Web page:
Data were collected via a case study of six-storey precast concrete building. A mapping of the reinforcement work process was conducted based on observations using time study technique and time-lapsed video, complemented by semi-structured interviews.

Findings

Through this application, several NVA activities, such as unnecessary inventory, excessive movement and coordination issues, were identified. Production performance could be enhanced by implementing Just-in-Time, Kanban, and layout improvements, which would address NVA activities.

Research limitations/implications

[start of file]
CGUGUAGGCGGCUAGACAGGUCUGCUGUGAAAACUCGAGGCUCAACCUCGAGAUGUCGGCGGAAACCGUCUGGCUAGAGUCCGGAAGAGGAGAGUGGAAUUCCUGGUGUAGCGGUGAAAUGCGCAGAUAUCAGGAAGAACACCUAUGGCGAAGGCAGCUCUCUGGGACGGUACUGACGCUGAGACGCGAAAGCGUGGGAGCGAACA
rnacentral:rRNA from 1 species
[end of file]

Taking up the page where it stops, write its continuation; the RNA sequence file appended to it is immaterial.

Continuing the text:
Due to the complexity of the construction process, only specific process elements were observed. To map the complete process, comprehensive observation must be conducted from beginning to end, which, though worthwhile, would be very time and resource intensive.

Originality/value

This paper focusses on strategies for improving the efficiency of the IBSPCC production process in Malaysian construction by developing a conceptual framework of the lean approach for the reinforcement work process. Certain aspects in the process such as layout and inventory need to be redesigned and simplified by minimising NVA activities.

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Article
Publication date: 1 December 2004

R. Soetanto, A.R.J. Dainty, J. Glass and A.D.F. Price

When assessing the potential benefits of using any new technology, it is essential that appropriate performance criteria are used and comparisons are made with the…

Abstract